Featured Illustration: Politico
This can’t be happening.
My entire body shuddered as I began retching into the small wastebasket next to my desk. My eyes were transfixed on the live election map on my phone screen, and I started to hyperventilate as Georgia switched between light red and light blue. This night was the culmination of years of political unrest and weeks of phone banking (and being called every name in the book in the process) on my part. I felt helpless, and I wasn’t alone. Election anxiety is a well-documented phenomenon (one that 68% of adults experienced before last November), but the stakes have never been as high as they were this past election cycle, at least not in Gen Z’s lifetime.
Was I overinvested? Maybe. Was it unhealthy, encroaching on both my physical and mental health like some psychosomatic malady? Most definitely. I was invested because I had to be, because this country doesn’t recognize human rights as legislative common sense, because every four years it’s a toss in the air whether I’ll be able to get married in the future and have a family. I knew Joe Biden wouldn’t be a panacea for the country’s problems (his platform reeked of white liberalism and he’s done nothing to address systemic issues, which I guess is to be expected from a candidate who embraces capitalism in all its forms), but I knew if we wanted a shot at addressing those systemic issues, another four years of Trump and his cultism would be worse.
I distinctly remember wanting to be a poll worker for the election. If I couldn’t physically cast my ballot, maybe I could do my ‘civic duty’ by ensuring others could cast theirs. But this job was reserved for people over sixteen. Sixteen (the year most get their learner’s permits and, apparently, become ‘mature’ enough to work the polls) and eighteen (the year we’re finally considered ‘adults’ and granted the fundamental right to vote) have always seemed so arbitrary to me. It’s not as if as soon as the clock strikes midnight on your eighteenth birthday you miraculously develop the so-called ‘maturity’ (what even is maturity in this context) to make important decisions (some never develop this ability, as evidenced by the former president, and some develop it much earlier than eighteen).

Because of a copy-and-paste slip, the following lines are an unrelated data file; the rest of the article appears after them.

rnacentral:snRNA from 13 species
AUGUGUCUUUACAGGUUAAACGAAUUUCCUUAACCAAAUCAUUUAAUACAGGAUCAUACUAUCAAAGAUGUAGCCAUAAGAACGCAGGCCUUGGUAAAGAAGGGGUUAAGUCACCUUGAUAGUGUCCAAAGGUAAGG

Restricting the right of young people to vote is restricting their voice in their own future. It seems to be a recurring theme with my generation that we’re left to clean up other people’s messes. I take this burden in stride because I know that fixing the persistent problems of the past means ensuring a better future going forward… but it can be extremely frustrating. I’m caught in this awkward gray area where I’m constantly told my voice matters, but I get the impression from everything around me that it doesn’t, or at least not enough for it to be counted. This duplicity does not come without harm, especially for BIPOC and LGBTQ+ youth, who are often directly impacted by the legislation that they have no direct say over. We can lobby, phone bank, call our elected officials (all of which I have done at some point), but when it comes to it, we’re not the decision-makers, and we’re not the people who elect those decision-makers to represent us. So how can we be surprised when they literally don’t represent us? Google a picture of the “117th congress”, and you see a sea of white people staring back at you. Most are men, all are cisgender, very few are BIPOC, and almost all are part of the establishment.
The establishment is the problem, not any one political party; the establishment functions to uphold exploitative class relations and the continued marginalization of BIPOC, queer, disabled, and neurodiverse people. Democrats just happen to veil their oppressive efforts under a guise of performative progressivism. Enfranchising young people, who haven’t yet been fully consumed by predatory capitalism and a culture that monetizes human life, may be the only way to knock down the establishment and actually start addressing systemic issues on a federal level.
There is absolutely no justification for the arbitrary 18. I’d wager the reason the establishment is so hesitant to pass any voting age legislation is because it knows it would be cementing its own demise. The reality is, though, that Gen Z is already a powerful political bloc, even if most of us technically can’t vote. We have strength in numbers and a bold vision for an equitable future. We will not be silenced.